When Royal Caribbean designed its cruise ships, they built these ships from the keel up to offer guests amazing experiences, and in some cases, the inspiration for new features or areas was from something outside the company.
In business, once a concept or idea is proven to be succesful, it is not unusual for companies to start adopting it into their products to improve their offerings. With Royal Caribbean, they are not afraid to branch out and try new ideas that have the potential to attract new customers.
Today, we look at a few different aspects of the Royal Caribbean cruise experience that were borrowed, adopted or inspired by something outside the company.
One of the most impressive innovations that Royal Caribbean has rolled out in the last few years are its virtual balcony staterooms, where inside staterooms offer real-time high definition views of the ocean. It is essentially a balcony experience for an inside stateroom price.
The idea to display live outdoor views in inside rooms was first done by Disney Cruise Line with their virtual portholes when they debuted on the Disney Dream in 2011.
Photo by atlassb
Royal Caribbean took that concept and made it significantly larger. Virtual balconies are 80-inch LED screens recessed into the wall, complete with curtains and faux balcony imagery.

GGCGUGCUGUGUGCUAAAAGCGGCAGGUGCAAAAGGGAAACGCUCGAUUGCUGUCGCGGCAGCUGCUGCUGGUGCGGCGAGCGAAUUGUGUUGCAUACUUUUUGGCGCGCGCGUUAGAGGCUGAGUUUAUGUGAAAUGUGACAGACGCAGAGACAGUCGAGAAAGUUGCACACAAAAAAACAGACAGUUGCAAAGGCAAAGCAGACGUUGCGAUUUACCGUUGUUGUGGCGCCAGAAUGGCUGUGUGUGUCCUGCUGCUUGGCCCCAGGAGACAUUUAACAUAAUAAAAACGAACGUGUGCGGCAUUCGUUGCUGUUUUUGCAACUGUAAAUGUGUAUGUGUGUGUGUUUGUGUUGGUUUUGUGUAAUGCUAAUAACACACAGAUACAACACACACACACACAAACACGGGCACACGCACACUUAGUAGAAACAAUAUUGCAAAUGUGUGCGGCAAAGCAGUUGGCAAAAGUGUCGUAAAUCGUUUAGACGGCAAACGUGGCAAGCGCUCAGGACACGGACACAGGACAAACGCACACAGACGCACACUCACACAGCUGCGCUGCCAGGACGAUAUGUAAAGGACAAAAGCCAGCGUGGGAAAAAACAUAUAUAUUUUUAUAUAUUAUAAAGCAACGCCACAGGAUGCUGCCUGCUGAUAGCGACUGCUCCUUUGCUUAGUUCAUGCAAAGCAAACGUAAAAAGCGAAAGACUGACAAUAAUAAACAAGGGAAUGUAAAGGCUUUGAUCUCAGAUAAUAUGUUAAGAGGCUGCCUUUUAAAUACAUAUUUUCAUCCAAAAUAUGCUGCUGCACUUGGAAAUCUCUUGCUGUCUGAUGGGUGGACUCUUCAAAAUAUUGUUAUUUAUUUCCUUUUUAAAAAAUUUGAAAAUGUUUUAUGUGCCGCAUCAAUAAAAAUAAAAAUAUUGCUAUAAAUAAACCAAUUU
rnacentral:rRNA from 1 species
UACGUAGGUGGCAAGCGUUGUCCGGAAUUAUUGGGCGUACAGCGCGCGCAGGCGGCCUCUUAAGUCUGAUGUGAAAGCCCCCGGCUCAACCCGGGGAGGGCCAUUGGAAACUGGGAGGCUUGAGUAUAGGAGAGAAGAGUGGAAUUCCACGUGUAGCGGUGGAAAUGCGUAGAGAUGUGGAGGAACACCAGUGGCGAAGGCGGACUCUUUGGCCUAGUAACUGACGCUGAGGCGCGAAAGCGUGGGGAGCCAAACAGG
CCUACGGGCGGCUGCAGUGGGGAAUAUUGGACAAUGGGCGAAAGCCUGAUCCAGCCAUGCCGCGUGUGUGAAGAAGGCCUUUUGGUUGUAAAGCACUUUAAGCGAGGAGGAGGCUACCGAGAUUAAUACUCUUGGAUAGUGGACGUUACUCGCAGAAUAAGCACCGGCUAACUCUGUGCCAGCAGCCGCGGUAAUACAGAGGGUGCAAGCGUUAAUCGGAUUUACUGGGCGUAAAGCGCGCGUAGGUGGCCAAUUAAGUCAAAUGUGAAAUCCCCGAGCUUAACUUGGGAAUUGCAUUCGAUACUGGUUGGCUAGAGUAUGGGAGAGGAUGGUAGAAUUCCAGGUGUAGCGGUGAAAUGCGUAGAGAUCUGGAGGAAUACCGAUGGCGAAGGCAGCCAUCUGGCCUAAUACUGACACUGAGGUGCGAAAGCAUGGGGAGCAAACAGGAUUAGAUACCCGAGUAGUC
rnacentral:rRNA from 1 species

Royal Caribbean chairman and CEO Richard Fain mentioned Royal Caribbean saw what Disney was doing and decided to improve upon it.
"We actually had looked at the idea, and we didn't think that the technology and the receptivity from the public was there," Fain says. Disney "proved that the public does value something like this."
One of the signature features on Royal Caribbean's Quantum class cruise ships is the 300-foot observational pod known as North Star, which gives guests 360-degress views of everything around.
The idea for North Star was inspired by the London Eye, but instead of placing it on a ferris wheel, there is just one pod and it is attached to a giant robotic arm.
Photo by Khalid M.
Royal Caribbean chairman and CEO Richard Fain said in an interview, "Quite frankly, the success of the London Eye had a lot to do with this."
When Royal Caribbean designed its formal night, all the time restaurant, The Grande, on Quantum of the Seas, it went back in time for inspiration.
The design for The Grande is evoked, "by the grandness and classic detailing of European ocean liners."
Photo by Retronaut
Essentially, The Grande is a throwback to the kind of dining rooms the golden age of ocean liners featured. It's when dining was not just a task, but a time-honored ritual.
On Royal Caribbean's Oasis class ships, the Boardwalk neighborhood is always popular with guests because of the pleasing aesthetics, fun activities and great views of the sea.
The Boardwalk neighborhood was inspired by both the seaside piers that dot the coast of England and the nostalgic boardwalks of yesteryear such as Coney Island.
Photo by Martin Nicolaus
The focal point of the Boardwalk is the traditional, hand crafted carousel, which would be common on many boardwalks. There is also hot dog stands, ice cream, and even a candy shop called, "Candy Beach" (get it?).